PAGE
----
Often times, clients will ask me, “What kind of evidence do I need that the other parent is a perpetrator of domestic abuse or has an alcohol or drug problem?” Usually that means that there must be some sort of objective evidence. In other words, you just can't come to court and say, “I believe the other parent has a meth problem,” or, “I believe the other parent has an alcohol problem.” You need to have some independent evidence of that. Like what? Well, it usually involves maybe a conviction for DUI, a drug possession situation, photographs or evidence independently that there were drugs in the house, that a parent left when children were there.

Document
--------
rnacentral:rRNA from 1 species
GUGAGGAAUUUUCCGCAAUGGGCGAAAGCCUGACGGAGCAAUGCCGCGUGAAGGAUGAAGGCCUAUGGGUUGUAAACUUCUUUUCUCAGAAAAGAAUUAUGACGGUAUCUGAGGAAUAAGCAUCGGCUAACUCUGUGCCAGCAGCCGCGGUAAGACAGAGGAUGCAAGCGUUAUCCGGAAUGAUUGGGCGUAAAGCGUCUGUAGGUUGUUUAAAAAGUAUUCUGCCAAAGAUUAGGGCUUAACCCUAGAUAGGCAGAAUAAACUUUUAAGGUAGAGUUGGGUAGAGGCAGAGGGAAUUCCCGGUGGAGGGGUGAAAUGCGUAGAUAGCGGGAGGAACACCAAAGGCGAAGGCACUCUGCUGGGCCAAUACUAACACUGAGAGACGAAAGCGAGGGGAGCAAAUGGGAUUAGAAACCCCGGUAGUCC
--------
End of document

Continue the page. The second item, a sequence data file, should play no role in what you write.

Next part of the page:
The other kinds of evidence that is important would be if a parent is saying that the other parent is dangerous because they have an anger or domestic violence problem, is the number of calls that the police have responded to to the house or home where the family has lived. You would get the police reports or the police call reports to show the number of calls and how often the police have come. Has there been a conviction for harassment or domestic violence? These are critical factors for the court in any kind of custody case. You'll find that a lawyer that has a lot of experience in taking these cases to court and appearing in front of the judge, is going to know and be able to tell you what kind of evidence is really going to be significant that a court will rely on.
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